Online classes sentence law students to a dark future

Education Law

Online training of law students, might leave them with no jobs in the coming future, they fear.

Chandigarh: Final year law students are worried that they aren’t learning anything online though most courts have gone online since the pandemic.

Jaspreet Kaur, a final year law student said, “The final year of legal studies is supposed to be a training year in which every student learns how to practice. We, as lawyers, will get to know how to file a case, and fight a case only if we’ve seen it happening in front of our eyes. We’ve missed this part. So, even the lawyers would not be interested to appoint us as their junior lawyers.”

Aastha Sood, another final year law student said that in a normal year, the teachers used to help students in getting the practical training, but now “they just ask us to get private internships, which are very difficult to get. We don’t even know how to file an affidavit properly.”

An advocate from the Jaipur High Court agrees with her. “The practical knowledge of most of these students is going to be zero,” said V. Singh. “They would not know the art of cross-examination. There would be a huge lack of confidence when they stand in a court to litigate.”

“We are not learning anything in online classes,” added Jaspreet. “The lectures are being delivered but the outcome of those lectures is not what it should be. We are not able to interact with the teachers. Even the teachers are not able to deliver what they want to convey.”

She said, “In the physical classes, we used to interact with the teachers. There used to be discussions with other students. Our field is all about discussions and how we can be convincing in them.”

“The students cannot learn the tricks of the trade through the online mode”

“Everything has just become too convenient for everyone,” said Aastha. “Teachers just give assignments and there is no interaction going on. Even the students are least interested on the online classes. We used to ask doubts when we were offline, now we’re not in it to take the initiative.”

The teachers have their challenges, as well.

Swati Duggal, an Assistant Professor at Jaipur National University said that online classes work at times like a monologue where the teachers come and give their lecture while students fail to interact on such platforms. “In the online classes, only the teachers are speaking. The students don’t respond even when asked to answer,” she said.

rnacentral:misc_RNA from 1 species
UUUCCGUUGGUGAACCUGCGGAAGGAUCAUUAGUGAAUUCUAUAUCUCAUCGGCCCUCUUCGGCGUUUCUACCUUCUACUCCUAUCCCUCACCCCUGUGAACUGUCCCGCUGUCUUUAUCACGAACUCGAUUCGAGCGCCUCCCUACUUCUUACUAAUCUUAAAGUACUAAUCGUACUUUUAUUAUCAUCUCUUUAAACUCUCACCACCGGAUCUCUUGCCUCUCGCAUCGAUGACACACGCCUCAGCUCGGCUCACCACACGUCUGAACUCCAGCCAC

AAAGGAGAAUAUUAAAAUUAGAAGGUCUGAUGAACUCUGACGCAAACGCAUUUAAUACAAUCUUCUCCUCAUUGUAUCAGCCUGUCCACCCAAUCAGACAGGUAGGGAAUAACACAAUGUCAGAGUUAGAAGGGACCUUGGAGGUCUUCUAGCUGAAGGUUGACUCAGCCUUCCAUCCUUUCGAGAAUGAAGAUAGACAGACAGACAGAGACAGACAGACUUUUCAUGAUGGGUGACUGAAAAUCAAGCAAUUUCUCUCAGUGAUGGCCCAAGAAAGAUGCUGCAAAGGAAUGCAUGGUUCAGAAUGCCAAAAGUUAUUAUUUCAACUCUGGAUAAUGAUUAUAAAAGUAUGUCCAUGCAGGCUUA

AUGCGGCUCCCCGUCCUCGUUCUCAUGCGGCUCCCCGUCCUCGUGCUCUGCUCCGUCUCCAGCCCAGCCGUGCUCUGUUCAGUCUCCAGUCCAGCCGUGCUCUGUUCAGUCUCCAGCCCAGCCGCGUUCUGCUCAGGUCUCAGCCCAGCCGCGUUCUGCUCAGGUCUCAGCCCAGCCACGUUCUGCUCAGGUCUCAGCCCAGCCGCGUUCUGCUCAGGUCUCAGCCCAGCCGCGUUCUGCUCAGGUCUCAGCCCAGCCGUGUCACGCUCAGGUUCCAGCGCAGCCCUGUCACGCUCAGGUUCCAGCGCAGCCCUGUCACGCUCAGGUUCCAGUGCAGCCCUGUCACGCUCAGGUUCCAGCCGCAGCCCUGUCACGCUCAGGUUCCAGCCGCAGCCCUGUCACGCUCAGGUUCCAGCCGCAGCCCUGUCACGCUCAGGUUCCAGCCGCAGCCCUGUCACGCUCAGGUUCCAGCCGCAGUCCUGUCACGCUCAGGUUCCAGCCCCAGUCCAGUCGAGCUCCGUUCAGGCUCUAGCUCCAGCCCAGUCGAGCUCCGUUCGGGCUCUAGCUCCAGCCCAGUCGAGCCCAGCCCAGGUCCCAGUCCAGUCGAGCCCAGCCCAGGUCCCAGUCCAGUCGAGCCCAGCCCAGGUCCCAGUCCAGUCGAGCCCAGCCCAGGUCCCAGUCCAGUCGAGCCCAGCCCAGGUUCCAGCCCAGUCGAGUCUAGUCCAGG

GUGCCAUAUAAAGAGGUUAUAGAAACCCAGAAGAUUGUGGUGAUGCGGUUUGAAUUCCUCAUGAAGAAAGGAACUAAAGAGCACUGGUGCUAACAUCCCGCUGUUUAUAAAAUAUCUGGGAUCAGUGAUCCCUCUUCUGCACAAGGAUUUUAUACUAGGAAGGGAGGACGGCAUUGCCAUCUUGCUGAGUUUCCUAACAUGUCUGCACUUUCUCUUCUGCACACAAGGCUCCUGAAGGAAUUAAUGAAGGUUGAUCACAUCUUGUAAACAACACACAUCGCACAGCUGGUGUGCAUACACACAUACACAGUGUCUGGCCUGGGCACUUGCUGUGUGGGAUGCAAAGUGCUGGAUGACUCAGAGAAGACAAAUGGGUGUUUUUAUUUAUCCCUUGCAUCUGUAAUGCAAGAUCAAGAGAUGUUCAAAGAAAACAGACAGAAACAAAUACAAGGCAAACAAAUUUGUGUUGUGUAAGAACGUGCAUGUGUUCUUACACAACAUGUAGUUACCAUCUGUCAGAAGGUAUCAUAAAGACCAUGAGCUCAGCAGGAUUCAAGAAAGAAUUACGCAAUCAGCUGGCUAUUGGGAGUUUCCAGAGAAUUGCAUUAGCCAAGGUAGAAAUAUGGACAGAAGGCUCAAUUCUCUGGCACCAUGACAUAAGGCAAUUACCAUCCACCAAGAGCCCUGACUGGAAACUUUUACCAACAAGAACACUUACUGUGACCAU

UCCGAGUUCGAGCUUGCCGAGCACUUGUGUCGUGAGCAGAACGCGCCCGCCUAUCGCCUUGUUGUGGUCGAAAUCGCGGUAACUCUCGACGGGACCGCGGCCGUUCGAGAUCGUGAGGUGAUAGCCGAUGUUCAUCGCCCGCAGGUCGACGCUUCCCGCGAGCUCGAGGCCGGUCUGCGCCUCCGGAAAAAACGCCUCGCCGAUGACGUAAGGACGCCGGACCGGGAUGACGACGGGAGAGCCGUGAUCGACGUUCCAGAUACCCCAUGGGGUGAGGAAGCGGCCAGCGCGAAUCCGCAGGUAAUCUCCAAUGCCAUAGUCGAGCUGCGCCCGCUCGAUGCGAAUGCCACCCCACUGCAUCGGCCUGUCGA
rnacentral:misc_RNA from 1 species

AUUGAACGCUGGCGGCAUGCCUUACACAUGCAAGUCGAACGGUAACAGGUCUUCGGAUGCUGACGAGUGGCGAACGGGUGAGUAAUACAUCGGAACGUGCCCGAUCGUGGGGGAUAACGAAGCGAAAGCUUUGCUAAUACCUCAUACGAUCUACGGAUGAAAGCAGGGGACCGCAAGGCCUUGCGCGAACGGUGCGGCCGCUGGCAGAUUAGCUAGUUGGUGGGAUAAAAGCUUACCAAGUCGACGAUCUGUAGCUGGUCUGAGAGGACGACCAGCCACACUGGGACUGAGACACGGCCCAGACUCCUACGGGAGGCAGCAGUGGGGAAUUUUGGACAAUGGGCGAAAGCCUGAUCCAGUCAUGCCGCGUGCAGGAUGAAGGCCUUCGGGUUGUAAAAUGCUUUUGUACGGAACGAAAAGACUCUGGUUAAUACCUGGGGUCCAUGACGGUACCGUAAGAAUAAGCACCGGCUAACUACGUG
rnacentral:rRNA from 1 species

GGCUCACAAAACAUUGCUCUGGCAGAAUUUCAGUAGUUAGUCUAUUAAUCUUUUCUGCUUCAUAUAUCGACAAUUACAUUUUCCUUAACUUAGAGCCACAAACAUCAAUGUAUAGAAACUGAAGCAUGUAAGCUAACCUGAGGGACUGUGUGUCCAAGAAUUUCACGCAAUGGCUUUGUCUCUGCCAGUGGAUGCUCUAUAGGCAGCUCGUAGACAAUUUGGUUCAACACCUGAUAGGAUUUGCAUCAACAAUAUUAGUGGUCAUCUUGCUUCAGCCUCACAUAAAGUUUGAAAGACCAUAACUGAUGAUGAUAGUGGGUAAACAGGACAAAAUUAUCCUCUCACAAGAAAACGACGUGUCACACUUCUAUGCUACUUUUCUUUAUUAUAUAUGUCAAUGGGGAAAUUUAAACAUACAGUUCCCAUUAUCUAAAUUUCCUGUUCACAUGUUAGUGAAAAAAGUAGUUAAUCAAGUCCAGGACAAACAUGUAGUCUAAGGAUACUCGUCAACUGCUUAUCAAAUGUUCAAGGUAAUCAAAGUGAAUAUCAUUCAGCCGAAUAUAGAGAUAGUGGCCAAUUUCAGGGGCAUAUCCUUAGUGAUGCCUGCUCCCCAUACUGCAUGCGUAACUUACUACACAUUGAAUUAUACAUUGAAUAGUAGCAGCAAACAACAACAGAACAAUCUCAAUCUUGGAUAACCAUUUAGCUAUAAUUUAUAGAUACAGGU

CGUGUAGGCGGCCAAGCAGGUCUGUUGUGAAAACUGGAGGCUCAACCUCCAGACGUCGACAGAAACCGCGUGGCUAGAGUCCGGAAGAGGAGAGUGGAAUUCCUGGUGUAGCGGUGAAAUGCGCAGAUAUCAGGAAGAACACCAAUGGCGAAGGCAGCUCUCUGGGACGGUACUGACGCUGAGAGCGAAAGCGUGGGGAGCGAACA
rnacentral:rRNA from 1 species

V Singh said, “There are many things that one learns when in a group. When juniors sit together with seniors, they learn a lot which is not possible through a laptop screen.”

Ms. Duggal agrees. She said, “Online moot courts help the students to acquire the skills that they need in a courtroom. We encourage students to participate in them as that helps in boosting their confidence.” Along with moot courts, the teachers also give topics to students on which they give presentations, which help in boosting their confidence.

Ms Duggal said that the college encourages students to go for online internships to get experience in the field. “The firms which are hiring the students understand the current  situation. Many firms nowadays look for junior associates who are good with research work,” she said.

Yet, the students are not convinced. “I understand that online is the new normal and even the high courts have shifted online,” said Jaspreet. “But even if it’s online, we need to have training on how to collect evidence, how to communicate with our clients, how to extract facts etc. This cannot be done through online mode.”

Aastha agrees that everything has shifted online as the new normal but she is still concerned about what this is doing to her future. “Advocates have to do a lot of legal drafting and many things happen outside the courtroom. If we truely want to shift everything online, then we should be given even these types of training on the online modes,” she said.

V. Singh says that even though the courts have shifted online, they are not successful. Some things cannot be substituted in the online mode. “Online practice might be the future but not yet,” he said. “These students who learn online cannot learn the tricks of the trade. They will find it difficult to handle clients.”